Date Presented 03/31/2022
Individuals experiencing homelessness (IEH) (N = 19) were assessed to examine the prevalence of cognitive impairment and its impact on participation and well-being through performance-based testing. Participants demonstrated decreased cognition on standardized assessments and self-reported poor well-being. Results demonstrate that cognitive supports are needed for some IEH to complete essential daily activities, participate in their communities, navigate services, and manage health.
Primary Author and Speaker: Emily Jean Prins
Additional Authors and Speakers: Samantha Strich, Madeline Contreras
Contributing Authors: Quinn P. Tyminski, Carolyn Baum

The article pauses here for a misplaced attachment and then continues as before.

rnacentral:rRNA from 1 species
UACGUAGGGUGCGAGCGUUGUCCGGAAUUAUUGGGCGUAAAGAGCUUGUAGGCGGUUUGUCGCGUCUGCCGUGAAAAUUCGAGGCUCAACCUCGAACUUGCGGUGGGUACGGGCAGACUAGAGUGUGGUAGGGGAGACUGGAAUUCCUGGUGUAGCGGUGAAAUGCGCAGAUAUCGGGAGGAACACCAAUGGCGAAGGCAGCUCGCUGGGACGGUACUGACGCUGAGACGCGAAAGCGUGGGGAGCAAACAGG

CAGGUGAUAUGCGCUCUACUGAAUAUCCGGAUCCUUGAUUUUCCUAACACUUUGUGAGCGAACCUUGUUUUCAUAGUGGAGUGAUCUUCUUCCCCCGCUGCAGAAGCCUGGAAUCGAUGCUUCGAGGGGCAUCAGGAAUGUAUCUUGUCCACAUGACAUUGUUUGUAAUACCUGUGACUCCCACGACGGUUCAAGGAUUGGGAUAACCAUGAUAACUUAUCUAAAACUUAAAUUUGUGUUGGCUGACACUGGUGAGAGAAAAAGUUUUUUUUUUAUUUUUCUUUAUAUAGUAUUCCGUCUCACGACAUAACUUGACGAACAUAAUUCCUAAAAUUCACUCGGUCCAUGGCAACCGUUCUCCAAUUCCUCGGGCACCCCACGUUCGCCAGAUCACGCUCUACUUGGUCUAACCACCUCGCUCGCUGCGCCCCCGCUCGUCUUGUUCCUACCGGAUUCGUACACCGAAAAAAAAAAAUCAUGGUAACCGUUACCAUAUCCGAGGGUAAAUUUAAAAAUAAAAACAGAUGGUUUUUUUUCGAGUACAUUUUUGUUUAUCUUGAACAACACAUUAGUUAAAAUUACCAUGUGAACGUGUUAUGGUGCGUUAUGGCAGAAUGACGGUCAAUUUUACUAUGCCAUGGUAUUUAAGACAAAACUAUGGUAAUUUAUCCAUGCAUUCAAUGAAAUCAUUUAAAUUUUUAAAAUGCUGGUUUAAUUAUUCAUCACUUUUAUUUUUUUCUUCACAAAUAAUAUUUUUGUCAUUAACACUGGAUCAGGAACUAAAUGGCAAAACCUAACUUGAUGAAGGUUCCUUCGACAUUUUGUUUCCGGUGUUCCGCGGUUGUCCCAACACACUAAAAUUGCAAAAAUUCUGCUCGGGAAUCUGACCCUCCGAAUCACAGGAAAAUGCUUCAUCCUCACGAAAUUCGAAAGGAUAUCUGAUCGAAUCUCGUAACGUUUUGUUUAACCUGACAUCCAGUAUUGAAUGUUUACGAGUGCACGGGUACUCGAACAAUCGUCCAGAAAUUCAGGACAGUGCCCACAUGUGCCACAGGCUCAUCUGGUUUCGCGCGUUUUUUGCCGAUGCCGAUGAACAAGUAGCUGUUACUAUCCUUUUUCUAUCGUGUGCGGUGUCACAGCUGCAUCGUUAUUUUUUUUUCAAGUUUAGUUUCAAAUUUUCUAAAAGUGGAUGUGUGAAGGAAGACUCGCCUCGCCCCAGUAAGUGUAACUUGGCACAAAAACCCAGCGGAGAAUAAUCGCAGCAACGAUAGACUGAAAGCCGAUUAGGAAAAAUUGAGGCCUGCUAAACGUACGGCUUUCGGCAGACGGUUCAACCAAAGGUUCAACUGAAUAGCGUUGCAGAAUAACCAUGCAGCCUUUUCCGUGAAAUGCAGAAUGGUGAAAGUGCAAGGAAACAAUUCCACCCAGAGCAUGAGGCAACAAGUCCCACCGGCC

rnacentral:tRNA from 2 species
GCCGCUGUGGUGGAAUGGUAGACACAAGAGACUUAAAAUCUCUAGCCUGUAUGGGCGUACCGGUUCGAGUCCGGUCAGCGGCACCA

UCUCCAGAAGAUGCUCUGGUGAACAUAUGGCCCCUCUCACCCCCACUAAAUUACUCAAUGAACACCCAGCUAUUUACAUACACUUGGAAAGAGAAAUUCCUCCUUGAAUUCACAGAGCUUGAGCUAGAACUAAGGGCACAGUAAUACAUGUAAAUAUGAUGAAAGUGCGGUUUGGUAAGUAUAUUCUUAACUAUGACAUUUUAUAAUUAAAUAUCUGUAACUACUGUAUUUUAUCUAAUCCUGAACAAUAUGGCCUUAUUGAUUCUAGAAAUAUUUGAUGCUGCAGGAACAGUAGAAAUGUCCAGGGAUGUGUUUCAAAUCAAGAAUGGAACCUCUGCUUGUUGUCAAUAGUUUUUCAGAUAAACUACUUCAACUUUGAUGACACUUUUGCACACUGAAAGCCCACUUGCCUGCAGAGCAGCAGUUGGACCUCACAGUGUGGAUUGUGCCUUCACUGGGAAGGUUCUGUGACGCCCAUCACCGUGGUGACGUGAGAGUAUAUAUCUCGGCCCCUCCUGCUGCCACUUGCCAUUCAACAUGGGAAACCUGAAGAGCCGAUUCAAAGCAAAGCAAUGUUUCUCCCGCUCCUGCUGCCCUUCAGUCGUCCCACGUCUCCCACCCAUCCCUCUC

Individuals experiencing homelessness (IEH) exhibit high frequencies of conditions associated with cognitive impairment (CI), such as mental illness and substance abuse. CI is known to be a risk factor and perpetuator of homelessness as it can affect occupational participation and performance skills, causing loss of work, social connections, and ability to live independently. It is hypothesized that wellbeing, a state of complete mental, social and physical health, is impacted by CI. Previously, cognition has been assessed for IEH with instruments largely designed to only diagnose severe CI and few studies evaluate cognition through performance of daily activities or investigate its impact on wellbeing. Thus, this study used performance-based testing to assess the prevalence of CI within a sample of IEH and identify support needs for occupational participation and wellbeing. A descriptive cross-sectional study was conducted at a homeless services agency. Participants were recruited using a convenience sampling method of adults from the agency with a history of homelessness, the ability to understand English and pass a capacity to consent. Participants completed a two-hour assessment battery including a demographic form, the Patient-Reported Outcomes Measurement Information System (PROMIS) Global Health scale, the Activity Card Sort-Advancing Inclusive Participation Short Form (ACS-AIP-SF), the National Institute of Health Toolbox Cognitive Battery (NIHTB-CB), and the Executive Function Performance Test (EFPT). Descriptive statistics and Kendall’s Tao-b were performed using the Statistical Package for the Social Sciences software. 18 IEH completed all assessment measures (N = 19). Participants’ (n = 19) mean scores for NIHTB-CB Crystallized Cognition Composite and Fluid Cognition Composite were 42.79 (SD = 9.22) and 36 (SD = 11.46), respectively, and total task scores on the EFPT (n = 18) were substantial (M = 9.72, SD = 7.65). As indicated by the EFPT, 78% (n = 14) of participants had a possible awareness problem, 89% (n = 16) had difficulty with sequencing, and 50% (n = 9) had difficulty with organization. A significant correlation existed between EFPT total scores and a desire to engage in work/education occupations (Tb = -.378, p = .043). There were correlations between quality-of-life self-ratings, mental health self-ratings (Tb = .003, p = .595), organization (Tb = .018, p = -.476), sequencing (Tb = -.434, p = .027), EFPT total task scores (Tb = -.416, p = .029), and Crystalized Cognition (Tb = .403, p = .029). NIHTB-CB and ACS-AIP-SF (n = 19) demonstrated a correlation between Crystalized Cognition Composite and a desire to engage in work/education occupations (Tb = .378, p = .035). Participants demonstrated crystallized cognitive abilities within normal limits, however, deficits in fluid cognition were found. Furthermore, participants required substantial assistance to complete executive functioning tasks. IEH who self-rated a higher QoL demonstrated fewer difficulties with awareness, sequencing and organization and required fewer cues to complete functional cognition tasks. Crystalized cognition measures correlated with community independence participation and desire to engage in work/education on the ACS-AIP-SF. As crystalized cognition increased, participation and desire to participate increased. As functional cognitive deficits increased, the desire to engage in work/education decreased. Mental illness influences participation and desired participation in social, leisure/rest, community independence, and work/education occupations. Occupational therapists have the ability to address the unmet cognitive support needs of IEH through targeted interventions and advocacy to improve participation, wellbeing and executive functioning.
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